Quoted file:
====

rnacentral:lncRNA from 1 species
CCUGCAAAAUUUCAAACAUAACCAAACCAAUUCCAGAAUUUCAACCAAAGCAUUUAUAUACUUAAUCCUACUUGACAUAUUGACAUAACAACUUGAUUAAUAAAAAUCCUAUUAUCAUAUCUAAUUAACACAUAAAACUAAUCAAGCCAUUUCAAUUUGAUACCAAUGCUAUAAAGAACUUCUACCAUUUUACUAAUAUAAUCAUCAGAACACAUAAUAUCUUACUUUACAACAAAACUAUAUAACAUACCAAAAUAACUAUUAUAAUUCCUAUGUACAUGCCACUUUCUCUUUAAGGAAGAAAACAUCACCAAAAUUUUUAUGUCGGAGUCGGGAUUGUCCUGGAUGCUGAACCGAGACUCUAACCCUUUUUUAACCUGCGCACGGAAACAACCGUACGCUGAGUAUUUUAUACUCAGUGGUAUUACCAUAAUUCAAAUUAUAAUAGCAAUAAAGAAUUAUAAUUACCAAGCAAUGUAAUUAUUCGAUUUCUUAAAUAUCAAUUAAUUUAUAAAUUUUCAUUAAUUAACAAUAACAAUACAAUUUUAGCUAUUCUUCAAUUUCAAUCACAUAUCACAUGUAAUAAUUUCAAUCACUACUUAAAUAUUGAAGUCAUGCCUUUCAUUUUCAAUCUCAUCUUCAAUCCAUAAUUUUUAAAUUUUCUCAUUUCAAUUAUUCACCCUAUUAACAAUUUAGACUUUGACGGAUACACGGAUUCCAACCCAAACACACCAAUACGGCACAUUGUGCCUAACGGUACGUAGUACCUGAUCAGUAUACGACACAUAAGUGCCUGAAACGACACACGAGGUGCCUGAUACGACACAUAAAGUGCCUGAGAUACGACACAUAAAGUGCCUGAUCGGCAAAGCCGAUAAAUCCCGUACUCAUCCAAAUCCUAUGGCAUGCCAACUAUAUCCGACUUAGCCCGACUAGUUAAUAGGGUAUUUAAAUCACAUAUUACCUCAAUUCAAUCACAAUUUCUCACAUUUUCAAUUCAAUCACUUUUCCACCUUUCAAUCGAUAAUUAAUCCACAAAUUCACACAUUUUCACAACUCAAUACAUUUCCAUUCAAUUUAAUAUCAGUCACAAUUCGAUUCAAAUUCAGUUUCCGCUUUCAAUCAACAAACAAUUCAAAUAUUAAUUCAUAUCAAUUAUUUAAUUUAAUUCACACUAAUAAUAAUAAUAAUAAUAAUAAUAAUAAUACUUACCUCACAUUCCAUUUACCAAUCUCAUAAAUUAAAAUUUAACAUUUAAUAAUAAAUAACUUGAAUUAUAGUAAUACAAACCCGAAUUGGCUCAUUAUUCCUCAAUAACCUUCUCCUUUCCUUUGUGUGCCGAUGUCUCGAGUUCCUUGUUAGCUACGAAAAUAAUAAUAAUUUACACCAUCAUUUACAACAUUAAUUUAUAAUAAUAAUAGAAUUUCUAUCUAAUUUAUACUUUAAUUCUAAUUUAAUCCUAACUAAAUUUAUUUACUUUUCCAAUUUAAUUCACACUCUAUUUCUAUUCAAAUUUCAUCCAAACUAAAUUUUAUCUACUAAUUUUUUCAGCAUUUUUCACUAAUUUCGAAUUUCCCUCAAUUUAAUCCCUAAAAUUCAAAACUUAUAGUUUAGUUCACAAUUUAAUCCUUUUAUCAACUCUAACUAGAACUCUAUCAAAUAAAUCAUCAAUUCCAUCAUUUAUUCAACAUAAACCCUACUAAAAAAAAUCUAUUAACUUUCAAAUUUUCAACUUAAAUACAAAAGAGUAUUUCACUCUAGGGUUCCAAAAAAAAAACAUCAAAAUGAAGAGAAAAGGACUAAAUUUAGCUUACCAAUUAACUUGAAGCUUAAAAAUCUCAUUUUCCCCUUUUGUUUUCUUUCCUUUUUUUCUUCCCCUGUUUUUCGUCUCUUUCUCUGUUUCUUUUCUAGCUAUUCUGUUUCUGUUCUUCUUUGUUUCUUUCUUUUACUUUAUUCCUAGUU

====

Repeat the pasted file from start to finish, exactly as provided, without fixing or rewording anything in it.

rnacentral:lncRNA from 1 species
CCUGCAAAAUUUCAAACAUAACCAAACCAAUUCCAGAAUUUCAACCAAAGCAUUUAUAUACUUAAUCCUACUUGACAUAUUGACAUAACAACUUGAUUAAUAAAAAUCCUAUUAUCAUAUCUAAUUAACACAUAAAACUAAUCAAGCCAUUUCAAUUUGAUACCAAUGCUAUAAAGAACUUCUACCAUUUUACUAAUAUAAUCAUCAGAACACAUAAUAUCUUACUUUACAACAAAACUAUAUAACAUACCAAAAUAACUAUUAUAAUUCCUAUGUACAUGCCACUUUCUCUUUAAGGAAGAAAACAUCACCAAAAUUUUUAUGUCGGAGUCGGGAUUGUCCUGGAUGCUGAACCGAGACUCUAACCCUUUUUUAACCUGCGCACGGAAACAACCGUACGCUGAGUAUUUUAUACUCAGUGGUAUUACCAUAAUUCAAAUUAUAAUAGCAAUAAAGAAUUAUAAUUACCAAGCAAUGUAAUUAUUCGAUUUCUUAAAUAUCAAUUAAUUUAUAAAUUUUCAUUAAUUAACAAUAACAAUACAAUUUUAGCUAUUCUUCAAUUUCAAUCACAUAUCACAUGUAAUAAUUUCAAUCACUACUUAAAUAUUGAAGUCAUGCCUUUCAUUUUCAAUCUCAUCUUCAAUCCAUAAUUUUUAAAUUUUCUCAUUUCAAUUAUUCACCCUAUUAACAAUUUAGACUUUGACGGAUACACGGAUUCCAACCCAAACACACCAAUACGGCACAUUGUGCCUAACGGUACGUAGUACCUGAUCAGUAUACGACACAUAAGUGCCUGAAACGACACACGAGGUGCCUGAUACGACACAUAAAGUGCCUGAGAUACGACACAUAAAGUGCCUGAUCGGCAAAGCCGAUAAAUCCCGUACUCAUCCAAAUCCUAUGGCAUGCCAACUAUAUCCGACUUAGCCCGACUAGUUAAUAGGGUAUUUAAAUCACAUAUUACCUCAAUUCAAUCACAAUUUCUCACAUUUUCAAUUCAAUCACUUUUCCACCUUUCAAUCGAUAAUUAAUCCACAAAUUCACACAUUUUCACAACUCAAUACAUUUCCAUUCAAUUUAAUAUCAGUCACAAUUCGAUUCAAAUUCAGUUUCCGCUUUCAAUCAACAAACAAUUCAAAUAUUAAUUCAUAUCAAUUAUUUAAUUUAAUUCACACUAAUAAUAAUAAUAAUAAUAAUAAUAAUAAUACUUACCUCACAUUCCAUUUACCAAUCUCAUAAAUUAAAAUUUAACAUUUAAUAAUAAAUAACUUGAAUUAUAGUAAUACAAACCCGAAUUGGCUCAUUAUUCCUCAAUAACCUUCUCCUUUCCUUUGUGUGCCGAUGUCUCGAGUUCCUUGUUAGCUACGAAAAUAAUAAUAAUUUACACCAUCAUUUACAACAUUAAUUUAUAAUAAUAAUAGAAUUUCUAUCUAAUUUAUACUUUAAUUCUAAUUUAAUCCUAACUAAAUUUAUUUACUUUUCCAAUUUAAUUCACACUCUAUUUCUAUUCAAAUUUCAUCCAAACUAAAUUUUAUCUACUAAUUUUUUCAGCAUUUUUCACUAAUUUCGAAUUUCCCUCAAUUUAAUCCCUAAAAUUCAAAACUUAUAGUUUAGUUCACAAUUUAAUCCUUUUAUCAACUCUAACUAGAACUCUAUCAAAUAAAUCAUCAAUUCCAUCAUUUAUUCAACAUAAACCCUACUAAAAAAAAUCUAUUAACUUUCAAAUUUUCAACUUAAAUACAAAAGAGUAUUUCACUCUAGGGUUCCAAAAAAAAAACAUCAAAAUGAAGAGAAAAGGACUAAAUUUAGCUUACCAAUUAACUUGAAGCUUAAAAAUCUCAUUUUCCCCUUUUGUUUUCUUUCCUUUUUUUCUUCCCCUGUUUUUCGUCUCUUUCUCUGUUUCUUUUCUAGCUAUUCUGUUUCUGUUCUUCUUUGUUUCUUUCUUUUACUUUAUUCCUAGUU